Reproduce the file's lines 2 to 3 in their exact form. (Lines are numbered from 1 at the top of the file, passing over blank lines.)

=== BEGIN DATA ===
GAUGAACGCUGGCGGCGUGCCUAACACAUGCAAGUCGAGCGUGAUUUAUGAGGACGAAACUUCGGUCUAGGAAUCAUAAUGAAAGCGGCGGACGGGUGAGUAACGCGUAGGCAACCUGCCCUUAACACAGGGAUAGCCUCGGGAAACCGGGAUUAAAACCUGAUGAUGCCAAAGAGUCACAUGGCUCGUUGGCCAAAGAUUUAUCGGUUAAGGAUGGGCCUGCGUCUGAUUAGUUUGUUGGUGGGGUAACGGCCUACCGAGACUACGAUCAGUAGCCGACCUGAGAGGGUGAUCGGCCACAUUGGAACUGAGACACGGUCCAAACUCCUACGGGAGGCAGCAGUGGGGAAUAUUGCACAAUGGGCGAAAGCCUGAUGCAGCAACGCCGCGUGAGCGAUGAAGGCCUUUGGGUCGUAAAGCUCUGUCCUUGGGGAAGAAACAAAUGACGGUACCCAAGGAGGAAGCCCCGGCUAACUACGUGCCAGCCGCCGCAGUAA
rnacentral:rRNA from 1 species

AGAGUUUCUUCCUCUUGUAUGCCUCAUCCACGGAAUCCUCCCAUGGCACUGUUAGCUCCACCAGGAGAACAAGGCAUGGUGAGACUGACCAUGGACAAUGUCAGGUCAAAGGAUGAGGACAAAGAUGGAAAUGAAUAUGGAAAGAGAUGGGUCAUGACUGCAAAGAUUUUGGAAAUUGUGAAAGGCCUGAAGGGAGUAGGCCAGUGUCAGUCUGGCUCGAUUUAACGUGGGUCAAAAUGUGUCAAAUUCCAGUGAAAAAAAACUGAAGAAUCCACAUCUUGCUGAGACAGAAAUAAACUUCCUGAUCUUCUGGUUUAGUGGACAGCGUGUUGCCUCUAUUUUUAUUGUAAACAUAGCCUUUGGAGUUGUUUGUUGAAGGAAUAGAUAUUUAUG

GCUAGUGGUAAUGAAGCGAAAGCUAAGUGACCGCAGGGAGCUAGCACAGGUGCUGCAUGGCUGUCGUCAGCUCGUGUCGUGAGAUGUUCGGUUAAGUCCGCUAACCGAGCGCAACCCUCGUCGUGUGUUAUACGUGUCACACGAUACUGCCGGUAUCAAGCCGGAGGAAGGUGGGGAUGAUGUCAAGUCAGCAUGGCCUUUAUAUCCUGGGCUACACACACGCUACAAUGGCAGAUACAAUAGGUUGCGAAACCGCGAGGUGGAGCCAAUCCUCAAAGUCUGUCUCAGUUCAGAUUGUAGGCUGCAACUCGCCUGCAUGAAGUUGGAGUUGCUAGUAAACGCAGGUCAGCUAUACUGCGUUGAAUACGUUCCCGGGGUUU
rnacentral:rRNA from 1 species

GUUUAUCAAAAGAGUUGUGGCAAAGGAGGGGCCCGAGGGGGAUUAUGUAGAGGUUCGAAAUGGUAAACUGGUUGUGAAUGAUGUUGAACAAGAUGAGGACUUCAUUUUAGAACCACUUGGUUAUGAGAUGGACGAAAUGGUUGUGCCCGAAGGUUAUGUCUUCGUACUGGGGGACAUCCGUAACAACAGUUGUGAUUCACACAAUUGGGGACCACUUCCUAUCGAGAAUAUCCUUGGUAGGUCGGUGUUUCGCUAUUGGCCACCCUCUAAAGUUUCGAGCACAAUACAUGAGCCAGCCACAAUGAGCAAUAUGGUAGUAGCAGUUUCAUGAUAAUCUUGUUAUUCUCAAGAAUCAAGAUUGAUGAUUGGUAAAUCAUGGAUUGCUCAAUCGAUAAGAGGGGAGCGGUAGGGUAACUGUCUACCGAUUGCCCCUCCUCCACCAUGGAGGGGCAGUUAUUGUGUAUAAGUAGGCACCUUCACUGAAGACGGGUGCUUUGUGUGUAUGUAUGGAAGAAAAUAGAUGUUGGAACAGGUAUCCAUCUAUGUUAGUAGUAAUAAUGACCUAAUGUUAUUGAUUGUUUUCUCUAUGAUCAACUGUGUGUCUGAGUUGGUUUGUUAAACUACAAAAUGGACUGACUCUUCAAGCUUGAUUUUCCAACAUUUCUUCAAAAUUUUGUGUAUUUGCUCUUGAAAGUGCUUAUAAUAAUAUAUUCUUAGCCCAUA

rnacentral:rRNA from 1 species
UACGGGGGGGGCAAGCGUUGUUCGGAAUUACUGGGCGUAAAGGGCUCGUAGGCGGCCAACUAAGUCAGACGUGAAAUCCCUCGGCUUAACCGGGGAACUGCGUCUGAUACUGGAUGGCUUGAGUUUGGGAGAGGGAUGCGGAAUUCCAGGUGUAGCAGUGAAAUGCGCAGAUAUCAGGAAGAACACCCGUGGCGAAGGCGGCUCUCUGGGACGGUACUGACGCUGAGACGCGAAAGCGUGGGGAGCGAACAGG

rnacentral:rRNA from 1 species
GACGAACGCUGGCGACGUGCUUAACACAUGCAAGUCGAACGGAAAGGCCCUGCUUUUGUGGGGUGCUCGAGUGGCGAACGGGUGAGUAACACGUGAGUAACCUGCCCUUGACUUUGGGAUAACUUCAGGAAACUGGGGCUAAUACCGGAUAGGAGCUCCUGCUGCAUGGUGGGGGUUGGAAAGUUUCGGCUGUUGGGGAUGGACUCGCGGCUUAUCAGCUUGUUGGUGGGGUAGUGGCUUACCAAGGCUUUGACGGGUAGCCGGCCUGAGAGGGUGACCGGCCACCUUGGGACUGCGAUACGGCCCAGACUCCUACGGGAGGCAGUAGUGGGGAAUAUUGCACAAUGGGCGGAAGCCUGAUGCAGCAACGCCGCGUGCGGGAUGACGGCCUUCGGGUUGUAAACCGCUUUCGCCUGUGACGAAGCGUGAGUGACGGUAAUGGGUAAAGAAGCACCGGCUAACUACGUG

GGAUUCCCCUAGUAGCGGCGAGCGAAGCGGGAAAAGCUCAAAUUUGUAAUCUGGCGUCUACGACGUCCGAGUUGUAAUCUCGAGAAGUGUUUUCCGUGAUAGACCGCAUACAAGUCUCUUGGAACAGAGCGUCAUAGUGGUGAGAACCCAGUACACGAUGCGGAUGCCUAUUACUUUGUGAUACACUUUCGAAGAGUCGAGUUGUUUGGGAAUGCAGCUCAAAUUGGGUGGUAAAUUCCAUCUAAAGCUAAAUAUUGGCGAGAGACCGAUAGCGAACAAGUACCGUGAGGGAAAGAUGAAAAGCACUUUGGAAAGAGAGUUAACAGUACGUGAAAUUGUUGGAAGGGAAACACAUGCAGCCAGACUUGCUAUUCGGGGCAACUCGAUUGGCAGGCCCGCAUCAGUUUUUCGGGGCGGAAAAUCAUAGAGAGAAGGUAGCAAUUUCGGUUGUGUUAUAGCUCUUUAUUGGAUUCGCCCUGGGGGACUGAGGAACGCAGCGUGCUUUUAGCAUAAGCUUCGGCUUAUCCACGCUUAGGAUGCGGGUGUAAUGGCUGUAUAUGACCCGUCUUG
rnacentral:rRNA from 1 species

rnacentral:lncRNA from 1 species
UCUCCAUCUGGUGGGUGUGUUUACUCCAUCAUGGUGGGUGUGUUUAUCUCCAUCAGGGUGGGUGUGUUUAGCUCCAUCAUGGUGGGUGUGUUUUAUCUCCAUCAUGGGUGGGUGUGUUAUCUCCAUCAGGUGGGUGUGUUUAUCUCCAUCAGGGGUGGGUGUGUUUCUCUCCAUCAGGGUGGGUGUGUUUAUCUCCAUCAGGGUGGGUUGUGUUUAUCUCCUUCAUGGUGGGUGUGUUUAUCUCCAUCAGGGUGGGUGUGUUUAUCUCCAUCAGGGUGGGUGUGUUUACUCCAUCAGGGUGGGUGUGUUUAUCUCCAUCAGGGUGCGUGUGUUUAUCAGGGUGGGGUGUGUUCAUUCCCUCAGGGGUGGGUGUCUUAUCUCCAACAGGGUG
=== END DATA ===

rnacentral:rRNA from 1 species

AGAGUUUCUUCCUCUUGUAUGCCUCAUCCACGGAAUCCUCCCAUGGCACUGUUAGCUCCACCAGGAGAACAAGGCAUGGUGAGACUGACCAUGGACAAUGUCAGGUCAAAGGAUGAGGACAAAGAUGGAAAUGAAUAUGGAAAGAGAUGGGUCAUGACUGCAAAGAUUUUGGAAAUUGUGAAAGGCCUGAAGGGAGUAGGCCAGUGUCAGUCUGGCUCGAUUUAACGUGGGUCAAAAUGUGUCAAAUUCCAGUGAAAAAAAACUGAAGAAUCCACAUCUUGCUGAGACAGAAAUAAACUUCCUGAUCUUCUGGUUUAGUGGACAGCGUGUUGCCUCUAUUUUUAUUGUAAACAUAGCCUUUGGAGUUGUUUGUUGAAGGAAUAGAUAUUUAUG